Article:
Rubio stands by his support of in-state tuition for undocumented students
Senator Marco Rubio said he stands by a bill he co-sponsored in 2004 to provide in-state tuition to undocumented immigrants, saying he supported the bill because of the specific requirements it proposed.
On Sunday, Rubio appeared on ABC’s “This Week” to discuss his run for the White House and his shaky relationship with fellow Senator Ted Cruz. Rubio told host George Stephanopoulos he “absolutely” supports the bill because it required undocumented citizens to graduate from a Florida high school, earn an unspecified minimum GPA, and have been living in the United States for a period of time.
"They still had to pay for college, but they paid for what people paid when they lived in Florida."
"It was very narrowly tailored to high-performing students who found themselves in a situation where they were brought here by their parents when they were 5, didn't even speak another language except English and, therefore, couldn't attend college because they were being charged like they were from out of state," Rubio said, according to The Washington Post. "They still had to pay for college, but they paid for what people paid when they lived in Florida."
“We didn’t legalize anybody. That’s the issue,” he added.
Rubio said many of the attacks against the legislation have been exaggerated, adding that he also supported one of the largest border control bills in American history.
"I continue to support and have supported and sponsored the largest border surge in American history, 20,000 new border agents, 700 miles of fencing and walls, a mandatory e-verify system, entry-exit tracking system to prevent visa overstays," he said.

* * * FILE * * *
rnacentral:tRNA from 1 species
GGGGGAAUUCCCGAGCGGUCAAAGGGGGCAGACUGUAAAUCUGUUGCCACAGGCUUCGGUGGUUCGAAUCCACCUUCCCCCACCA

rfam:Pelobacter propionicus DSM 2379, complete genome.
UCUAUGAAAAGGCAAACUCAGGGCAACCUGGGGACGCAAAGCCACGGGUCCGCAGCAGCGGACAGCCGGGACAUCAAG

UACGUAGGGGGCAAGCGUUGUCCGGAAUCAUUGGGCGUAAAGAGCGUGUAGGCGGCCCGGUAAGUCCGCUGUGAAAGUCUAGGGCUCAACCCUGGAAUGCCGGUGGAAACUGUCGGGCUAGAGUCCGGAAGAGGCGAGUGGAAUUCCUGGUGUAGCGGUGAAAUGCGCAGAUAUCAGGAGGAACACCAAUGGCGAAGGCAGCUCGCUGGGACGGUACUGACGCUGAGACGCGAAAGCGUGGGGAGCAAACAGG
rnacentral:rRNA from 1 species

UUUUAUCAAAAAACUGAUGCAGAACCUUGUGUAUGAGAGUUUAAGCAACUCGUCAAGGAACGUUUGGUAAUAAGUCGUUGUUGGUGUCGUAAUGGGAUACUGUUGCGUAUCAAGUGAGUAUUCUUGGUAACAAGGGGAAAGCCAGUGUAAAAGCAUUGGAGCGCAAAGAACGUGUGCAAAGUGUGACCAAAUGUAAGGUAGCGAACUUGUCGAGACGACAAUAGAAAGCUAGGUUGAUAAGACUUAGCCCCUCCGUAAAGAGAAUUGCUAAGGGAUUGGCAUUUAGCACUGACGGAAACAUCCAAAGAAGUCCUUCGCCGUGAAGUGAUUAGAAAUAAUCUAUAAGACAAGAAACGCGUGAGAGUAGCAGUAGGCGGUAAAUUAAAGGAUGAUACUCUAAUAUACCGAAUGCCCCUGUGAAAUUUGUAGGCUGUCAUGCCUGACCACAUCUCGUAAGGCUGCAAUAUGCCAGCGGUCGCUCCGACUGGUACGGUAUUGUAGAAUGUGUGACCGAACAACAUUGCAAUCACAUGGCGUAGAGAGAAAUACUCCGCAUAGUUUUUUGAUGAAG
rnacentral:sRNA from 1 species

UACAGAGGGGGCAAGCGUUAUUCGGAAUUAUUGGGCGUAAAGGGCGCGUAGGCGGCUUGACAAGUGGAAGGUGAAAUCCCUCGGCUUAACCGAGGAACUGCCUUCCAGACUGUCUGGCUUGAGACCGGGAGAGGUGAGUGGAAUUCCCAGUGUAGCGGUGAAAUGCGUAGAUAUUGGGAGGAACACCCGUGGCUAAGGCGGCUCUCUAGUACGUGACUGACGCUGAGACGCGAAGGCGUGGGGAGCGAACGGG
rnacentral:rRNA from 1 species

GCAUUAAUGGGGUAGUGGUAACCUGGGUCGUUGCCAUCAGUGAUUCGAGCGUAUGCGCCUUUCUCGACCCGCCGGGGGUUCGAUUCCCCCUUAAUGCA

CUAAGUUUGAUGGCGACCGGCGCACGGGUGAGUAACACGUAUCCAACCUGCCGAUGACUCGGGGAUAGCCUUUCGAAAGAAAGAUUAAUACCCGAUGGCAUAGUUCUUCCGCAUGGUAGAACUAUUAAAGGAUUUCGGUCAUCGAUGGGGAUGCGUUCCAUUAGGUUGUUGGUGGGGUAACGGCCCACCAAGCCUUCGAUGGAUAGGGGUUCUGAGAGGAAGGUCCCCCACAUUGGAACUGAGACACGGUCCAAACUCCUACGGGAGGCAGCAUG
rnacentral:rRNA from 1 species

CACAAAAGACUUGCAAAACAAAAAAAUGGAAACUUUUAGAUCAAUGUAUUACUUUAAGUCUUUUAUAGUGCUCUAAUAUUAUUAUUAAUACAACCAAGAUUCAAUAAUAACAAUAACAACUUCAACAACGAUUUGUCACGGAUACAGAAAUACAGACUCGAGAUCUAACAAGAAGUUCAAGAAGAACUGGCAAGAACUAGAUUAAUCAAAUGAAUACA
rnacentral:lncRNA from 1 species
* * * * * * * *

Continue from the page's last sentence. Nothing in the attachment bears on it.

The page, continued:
Rubio also took the opportunity to knock Cruz’s immigration policies, attacking him for shifting positions based on political “calculation” as the primaries draw near. The two, now second and third in several national polls, have been highly critical of each other over the past month. Rubio attacked his opponent for lacking consistency.
“When it comes to Ted, he has changed his positions on immigration all over the place,” Rubio said. “He used to be for birthright citizenship, now he says he’s against it. He used to be for legalizing people that were here illegally, now he says he’s against it.”
“This is not consistency,” he continued. “This is calculation as he’s changed positions on these issues as we get closer to Election Day.”
Rubio went on to criticize Cruz for supporting Edward Snowden, the former National Security Agency contractor who leaked classified information. In 2013, Cruz said Snowden had done a “public service” by revealing the NSA was “seizing millions of personal records about law-abiding citizens.”
“I never believed Edward Snowden was a good public servant the way that Ted Cruz once said that he had done a public service for America,” Rubio said. “Edward Snowden is a traitor. We should not have a commander in chief that wants to weaken our intelligence programs.”
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